[Guest author up today]
Fraud is a serious offence and can cost companies millions of pounds per year. Often it is the company’s own employees that carry out the crime. This is commonly due to inside knowledge or easy access to a company’s administration and finances. Unfortunately, it is often the people you would expect to be more honest that carry out the fraud, such as senior management and directors. This is because they have unlimited access to financial records.
Examples of Fraud
There are many types of fraud that can occur in businesses. These include cheque fraud, creating false credit notes, stock or asset theft and creating false suppliers and invoices.
Cheque fraud may occur when an employee writes a cheque to replace stolen petty cash. This may go undiscovered because the books will always appear balanced even though the money from the cheque is never debited in the company bank account.
Creating false credit notes is a simple fraudulent activity and therefore can be very common. This involves taking cash from a customer and posting a credit note or changing details on an invoice.
Theft is a common problem for companies, particularly if the stock is easily accessed and transported out of the business premises. Employees who steal equipment from their places of work do so for their own personal use or sometimes it is just taken and then sold on. This allows the employee to make a profit from the sale of goods they have not paid for in the first place.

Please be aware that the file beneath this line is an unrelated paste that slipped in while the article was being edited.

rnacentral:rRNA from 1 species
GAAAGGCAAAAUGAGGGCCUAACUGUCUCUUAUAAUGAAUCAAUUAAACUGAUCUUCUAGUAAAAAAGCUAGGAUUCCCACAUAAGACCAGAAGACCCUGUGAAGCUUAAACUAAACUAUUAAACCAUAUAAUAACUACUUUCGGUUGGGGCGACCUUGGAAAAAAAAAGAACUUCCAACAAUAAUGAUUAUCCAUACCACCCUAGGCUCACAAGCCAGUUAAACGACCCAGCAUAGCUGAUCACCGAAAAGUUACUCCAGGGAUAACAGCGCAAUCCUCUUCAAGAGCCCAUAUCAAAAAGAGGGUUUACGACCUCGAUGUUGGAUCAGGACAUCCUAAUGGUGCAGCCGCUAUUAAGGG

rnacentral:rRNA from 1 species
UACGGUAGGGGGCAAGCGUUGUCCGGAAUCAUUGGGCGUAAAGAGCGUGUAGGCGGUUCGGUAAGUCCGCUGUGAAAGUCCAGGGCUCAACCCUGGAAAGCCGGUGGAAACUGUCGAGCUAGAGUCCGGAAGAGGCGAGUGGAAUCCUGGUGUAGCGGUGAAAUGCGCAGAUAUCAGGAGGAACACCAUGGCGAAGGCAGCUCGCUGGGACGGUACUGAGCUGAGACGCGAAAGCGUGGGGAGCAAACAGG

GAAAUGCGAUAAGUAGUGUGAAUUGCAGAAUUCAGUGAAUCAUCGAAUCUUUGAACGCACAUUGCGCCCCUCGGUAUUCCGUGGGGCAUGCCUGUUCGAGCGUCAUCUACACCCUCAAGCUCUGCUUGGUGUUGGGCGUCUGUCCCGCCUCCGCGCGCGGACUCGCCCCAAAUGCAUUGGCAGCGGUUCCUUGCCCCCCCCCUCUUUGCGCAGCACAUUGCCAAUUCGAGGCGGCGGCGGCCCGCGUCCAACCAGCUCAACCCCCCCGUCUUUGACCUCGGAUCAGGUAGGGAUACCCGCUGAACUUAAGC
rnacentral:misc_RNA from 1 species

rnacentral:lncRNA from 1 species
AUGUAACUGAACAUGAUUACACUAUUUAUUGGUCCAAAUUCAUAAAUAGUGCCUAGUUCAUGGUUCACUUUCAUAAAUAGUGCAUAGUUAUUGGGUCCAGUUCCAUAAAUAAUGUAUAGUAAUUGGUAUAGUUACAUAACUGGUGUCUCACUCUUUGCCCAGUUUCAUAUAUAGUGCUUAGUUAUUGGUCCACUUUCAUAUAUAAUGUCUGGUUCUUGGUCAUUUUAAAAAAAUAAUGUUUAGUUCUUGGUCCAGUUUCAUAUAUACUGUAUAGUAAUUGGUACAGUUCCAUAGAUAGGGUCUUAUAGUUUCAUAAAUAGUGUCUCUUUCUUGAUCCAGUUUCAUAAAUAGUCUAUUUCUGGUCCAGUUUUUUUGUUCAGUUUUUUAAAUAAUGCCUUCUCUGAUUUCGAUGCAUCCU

Even purchasing departments can be caught up in fraudulent activity. Those responsible for sourcing suppliers can find it very easy to create fake supplier invoices and pay the money into their own accounts.
If you suspect that fraud is occurring in your company, you should consult a fraud solicitor in order to start legal proceedings.
How to Prevent Fraud
Cheque fraud may be prevented by ensuring that all transactions are properly checked by a responsible person or persons. The bank could also be instructed to provide regular statements which should also be carefully studied.
Preventing employees from creating false credit notes can be achieved by implementing a system that uses additional documentation for recording all transactions. False invoices can be uncovered by comparing historical information and previous supplier invoices.
Employee theft can be prevented by implementing a number of systems. An effective solution is to use closed-circuit television. This allows company owners to monitor their stock. Dummy cameras are also very effective as long as employees are led to believe they are really recording. Equipment can be stored more securely using locked storage units. For large items, alarms may prove a useful deterrent. Companies with bigger budgets may choose to employ the services of a security guard.
To prevent false supplier invoices being created, a checking system should be put in place. This should monitor the amount of stock ordered and the prices. Purchasing departments should be required to leave an auditing trail so that senior management can review their activity.